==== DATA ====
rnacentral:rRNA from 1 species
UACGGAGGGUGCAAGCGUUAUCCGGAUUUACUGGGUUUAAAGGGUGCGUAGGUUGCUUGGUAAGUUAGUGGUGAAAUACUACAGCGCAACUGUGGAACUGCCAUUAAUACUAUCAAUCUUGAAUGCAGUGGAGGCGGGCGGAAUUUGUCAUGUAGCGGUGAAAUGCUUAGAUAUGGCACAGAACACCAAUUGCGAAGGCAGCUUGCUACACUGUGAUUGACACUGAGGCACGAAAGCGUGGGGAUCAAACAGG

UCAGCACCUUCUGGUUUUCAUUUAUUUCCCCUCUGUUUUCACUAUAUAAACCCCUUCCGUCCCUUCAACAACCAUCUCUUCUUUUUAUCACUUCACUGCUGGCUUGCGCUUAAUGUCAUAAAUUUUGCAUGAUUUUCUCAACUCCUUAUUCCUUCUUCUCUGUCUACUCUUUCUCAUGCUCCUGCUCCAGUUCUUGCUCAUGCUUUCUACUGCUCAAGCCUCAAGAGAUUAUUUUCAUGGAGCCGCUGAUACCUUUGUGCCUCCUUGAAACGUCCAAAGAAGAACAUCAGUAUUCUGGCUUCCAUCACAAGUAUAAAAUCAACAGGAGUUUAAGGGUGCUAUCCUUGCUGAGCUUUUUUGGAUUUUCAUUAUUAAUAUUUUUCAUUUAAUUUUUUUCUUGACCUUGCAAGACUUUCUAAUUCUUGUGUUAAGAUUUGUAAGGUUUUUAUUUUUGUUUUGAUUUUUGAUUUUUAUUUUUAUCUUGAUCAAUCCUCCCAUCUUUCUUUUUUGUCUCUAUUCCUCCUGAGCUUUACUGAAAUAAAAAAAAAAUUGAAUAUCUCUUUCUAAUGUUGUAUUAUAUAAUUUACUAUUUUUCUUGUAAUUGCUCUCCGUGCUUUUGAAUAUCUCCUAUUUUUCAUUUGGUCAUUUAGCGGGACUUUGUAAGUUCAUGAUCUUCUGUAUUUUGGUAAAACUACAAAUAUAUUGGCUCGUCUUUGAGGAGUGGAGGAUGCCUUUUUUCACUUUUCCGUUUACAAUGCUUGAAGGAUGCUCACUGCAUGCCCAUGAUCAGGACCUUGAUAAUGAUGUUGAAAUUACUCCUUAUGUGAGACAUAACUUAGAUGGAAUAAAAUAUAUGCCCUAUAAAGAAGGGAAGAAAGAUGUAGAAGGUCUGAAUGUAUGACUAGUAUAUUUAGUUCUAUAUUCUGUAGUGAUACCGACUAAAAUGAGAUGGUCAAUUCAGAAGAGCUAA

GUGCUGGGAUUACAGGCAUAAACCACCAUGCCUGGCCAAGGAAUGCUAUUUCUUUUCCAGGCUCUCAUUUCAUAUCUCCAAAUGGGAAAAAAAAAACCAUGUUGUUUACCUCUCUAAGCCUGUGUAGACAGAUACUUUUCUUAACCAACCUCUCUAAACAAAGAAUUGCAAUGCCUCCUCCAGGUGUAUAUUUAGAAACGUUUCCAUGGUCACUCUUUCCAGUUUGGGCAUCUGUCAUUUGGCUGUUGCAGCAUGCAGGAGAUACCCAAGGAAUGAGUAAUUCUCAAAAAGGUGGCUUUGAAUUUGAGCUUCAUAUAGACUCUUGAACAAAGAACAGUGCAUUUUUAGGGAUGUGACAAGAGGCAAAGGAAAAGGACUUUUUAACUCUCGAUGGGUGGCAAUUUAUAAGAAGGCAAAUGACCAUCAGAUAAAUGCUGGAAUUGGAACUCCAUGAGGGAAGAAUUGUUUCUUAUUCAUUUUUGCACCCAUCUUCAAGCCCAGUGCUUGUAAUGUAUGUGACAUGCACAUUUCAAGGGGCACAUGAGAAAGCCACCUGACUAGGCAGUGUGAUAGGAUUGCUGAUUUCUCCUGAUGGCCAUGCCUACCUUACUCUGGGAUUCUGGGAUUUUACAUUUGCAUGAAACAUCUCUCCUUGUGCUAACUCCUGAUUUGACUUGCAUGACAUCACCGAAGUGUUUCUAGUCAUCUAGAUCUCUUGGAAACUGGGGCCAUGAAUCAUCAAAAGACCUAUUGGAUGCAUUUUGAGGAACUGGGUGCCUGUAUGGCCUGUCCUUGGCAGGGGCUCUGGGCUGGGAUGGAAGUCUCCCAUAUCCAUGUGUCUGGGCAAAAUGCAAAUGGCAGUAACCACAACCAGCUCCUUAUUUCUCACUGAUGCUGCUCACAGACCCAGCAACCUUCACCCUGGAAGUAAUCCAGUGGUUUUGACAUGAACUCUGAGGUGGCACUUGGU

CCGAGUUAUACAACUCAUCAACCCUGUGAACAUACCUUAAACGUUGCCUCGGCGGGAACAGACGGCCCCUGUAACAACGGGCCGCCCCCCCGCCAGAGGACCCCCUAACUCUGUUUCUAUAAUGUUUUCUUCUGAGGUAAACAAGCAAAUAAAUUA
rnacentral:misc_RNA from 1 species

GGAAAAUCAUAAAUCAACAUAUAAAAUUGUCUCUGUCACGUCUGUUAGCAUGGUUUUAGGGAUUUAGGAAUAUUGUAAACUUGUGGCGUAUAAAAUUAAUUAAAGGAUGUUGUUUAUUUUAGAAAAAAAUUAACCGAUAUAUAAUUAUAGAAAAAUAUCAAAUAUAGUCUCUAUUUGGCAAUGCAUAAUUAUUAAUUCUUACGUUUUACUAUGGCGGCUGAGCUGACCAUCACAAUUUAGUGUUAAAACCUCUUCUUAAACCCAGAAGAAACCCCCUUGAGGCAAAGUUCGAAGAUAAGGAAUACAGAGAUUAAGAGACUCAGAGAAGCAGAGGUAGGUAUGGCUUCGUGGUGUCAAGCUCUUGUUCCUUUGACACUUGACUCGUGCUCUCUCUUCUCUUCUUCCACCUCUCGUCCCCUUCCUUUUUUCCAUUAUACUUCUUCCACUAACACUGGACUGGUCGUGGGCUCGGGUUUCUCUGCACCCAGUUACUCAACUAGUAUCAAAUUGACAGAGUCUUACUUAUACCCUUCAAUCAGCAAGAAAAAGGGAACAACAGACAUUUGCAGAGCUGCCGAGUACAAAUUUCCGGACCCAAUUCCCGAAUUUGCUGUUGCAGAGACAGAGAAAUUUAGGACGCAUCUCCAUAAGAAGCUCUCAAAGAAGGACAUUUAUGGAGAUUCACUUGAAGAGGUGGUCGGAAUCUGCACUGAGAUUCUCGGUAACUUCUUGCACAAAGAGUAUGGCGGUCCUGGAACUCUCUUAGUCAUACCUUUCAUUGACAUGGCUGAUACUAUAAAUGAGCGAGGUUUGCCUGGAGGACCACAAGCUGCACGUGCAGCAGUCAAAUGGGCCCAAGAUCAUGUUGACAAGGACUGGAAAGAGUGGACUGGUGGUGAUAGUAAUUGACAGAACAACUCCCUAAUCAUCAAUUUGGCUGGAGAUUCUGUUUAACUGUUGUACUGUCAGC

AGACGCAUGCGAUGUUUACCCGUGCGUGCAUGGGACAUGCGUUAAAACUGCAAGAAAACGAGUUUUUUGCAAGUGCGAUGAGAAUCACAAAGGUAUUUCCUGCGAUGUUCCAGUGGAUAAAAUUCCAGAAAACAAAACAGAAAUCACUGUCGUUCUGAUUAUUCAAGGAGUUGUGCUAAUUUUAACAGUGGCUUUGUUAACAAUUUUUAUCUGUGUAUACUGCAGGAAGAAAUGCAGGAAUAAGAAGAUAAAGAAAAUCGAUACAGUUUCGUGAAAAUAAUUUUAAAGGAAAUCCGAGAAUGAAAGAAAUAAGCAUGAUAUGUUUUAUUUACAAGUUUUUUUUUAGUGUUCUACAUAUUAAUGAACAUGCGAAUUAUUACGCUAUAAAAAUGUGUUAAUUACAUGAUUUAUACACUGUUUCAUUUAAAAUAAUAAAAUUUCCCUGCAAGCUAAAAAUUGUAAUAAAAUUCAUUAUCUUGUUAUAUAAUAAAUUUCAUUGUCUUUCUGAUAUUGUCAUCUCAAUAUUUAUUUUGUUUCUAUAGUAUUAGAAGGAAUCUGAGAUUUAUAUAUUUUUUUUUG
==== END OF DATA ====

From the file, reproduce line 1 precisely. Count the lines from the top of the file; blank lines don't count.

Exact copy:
rnacentral:rRNA from 1 species